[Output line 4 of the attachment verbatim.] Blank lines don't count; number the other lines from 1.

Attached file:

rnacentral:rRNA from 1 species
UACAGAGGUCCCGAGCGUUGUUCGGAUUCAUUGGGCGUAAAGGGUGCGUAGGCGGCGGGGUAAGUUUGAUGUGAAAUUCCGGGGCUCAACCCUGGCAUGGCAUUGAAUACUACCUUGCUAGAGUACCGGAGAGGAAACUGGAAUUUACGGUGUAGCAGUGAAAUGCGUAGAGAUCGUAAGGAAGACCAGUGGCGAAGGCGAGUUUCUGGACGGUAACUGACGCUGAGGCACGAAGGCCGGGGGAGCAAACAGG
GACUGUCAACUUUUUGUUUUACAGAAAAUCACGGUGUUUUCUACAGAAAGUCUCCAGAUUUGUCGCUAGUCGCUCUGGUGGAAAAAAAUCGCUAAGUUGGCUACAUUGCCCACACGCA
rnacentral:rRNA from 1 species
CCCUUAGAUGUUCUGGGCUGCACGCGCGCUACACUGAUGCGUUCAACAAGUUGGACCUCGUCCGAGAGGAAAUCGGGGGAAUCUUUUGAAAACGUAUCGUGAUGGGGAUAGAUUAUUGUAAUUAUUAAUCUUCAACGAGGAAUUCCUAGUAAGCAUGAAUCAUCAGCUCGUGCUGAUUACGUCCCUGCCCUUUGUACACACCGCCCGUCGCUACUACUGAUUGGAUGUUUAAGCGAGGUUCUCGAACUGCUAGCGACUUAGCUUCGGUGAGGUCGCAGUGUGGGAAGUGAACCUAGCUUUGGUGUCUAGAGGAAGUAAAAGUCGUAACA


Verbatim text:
rnacentral:rRNA from 1 species